Wendy Silveira-Steinway, JVA’s recruitment/staff development manager, shares her thoughts on why John Hickenlooper as Colorado governor would be good for Nonprofit Street.
For the last 25 years, I have been involved in the nonprofit sector. Whether as a board member, a program manager, a director or a hiring manager for an upstart nonprofit, I believe I have a thorough understanding of what it takes to make a nonprofit successful and who the best players are to accomplish just that.
Beth Conover, author of How the West was Warmed, past director of Greenprint Denver (the city office that demonstrates that local government can be an effective force for innovation and leadership to improve the environment) and a longtime friend of the Hickenloopers, commented, “Long before he contemplated political office, Mayor Hickenlooper was a strong and valued asset in Denver’s nonprofit community and an advocate for the arts, the environment and community philanthropy in general.”
Since taking office, Mayor Hickenlooper has overcome a $70 million deficit to balance the city budget while averting major cuts in services and massive layoffs. He initiated a citywide campaign to end homelessness, created Denver’s sustainable development initiative, and ushered in a new era of bipartisan regional cooperation, culminating in passage of the largest regional transit initiative in the history of the United States. In November 2005, Mayor Hickenlooper was the only mayor named by Governing Magazine as one of the top public officials of the year. In April 2005, TIME Magazine named Mayor Hickenlooper one of the top five “big-city” mayors in America. A respected entrepreneur, Hickenlooper was also involved with numerous downtown Denver renovation and development projects and is credited as one of the pioneers who helped revitalize Denver’s Lower Downtown historic district. In recognition of his efforts supporting preservation in Denver and in downtowns across the county, Hickenlooper in 1997 received a National Preservation Award from the National Trust for Historic Preservation.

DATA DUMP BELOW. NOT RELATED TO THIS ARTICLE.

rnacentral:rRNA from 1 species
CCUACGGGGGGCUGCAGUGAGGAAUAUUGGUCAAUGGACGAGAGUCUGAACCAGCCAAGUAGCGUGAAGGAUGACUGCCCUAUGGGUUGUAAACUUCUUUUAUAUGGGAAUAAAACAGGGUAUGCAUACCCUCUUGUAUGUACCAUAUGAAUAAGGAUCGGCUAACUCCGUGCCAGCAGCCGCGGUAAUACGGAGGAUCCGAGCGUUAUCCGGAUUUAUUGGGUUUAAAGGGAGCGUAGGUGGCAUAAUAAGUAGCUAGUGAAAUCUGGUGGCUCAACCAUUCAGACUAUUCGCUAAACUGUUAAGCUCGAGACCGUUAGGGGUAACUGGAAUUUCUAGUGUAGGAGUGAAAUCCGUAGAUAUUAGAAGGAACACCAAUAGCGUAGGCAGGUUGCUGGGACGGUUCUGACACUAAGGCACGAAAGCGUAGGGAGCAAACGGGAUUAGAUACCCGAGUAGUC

This all says to me that John Hickenlooper is an innovator and is not afraid of change. He understands community and community needs. And let’s not forget where his roots lie. Well before he became mayor, he was active in community affairs, serving on numerous civic boards, including Volunteers for Outdoor Colorado, Denver Metro Convention and Visitors Bureau, Denver Metro Chamber of Commerce, Denver Civic Ventures, Colorado Business Committee for the Arts, the Denver Art Museum, the Association of Brewers and the Institute for Brewing Studies.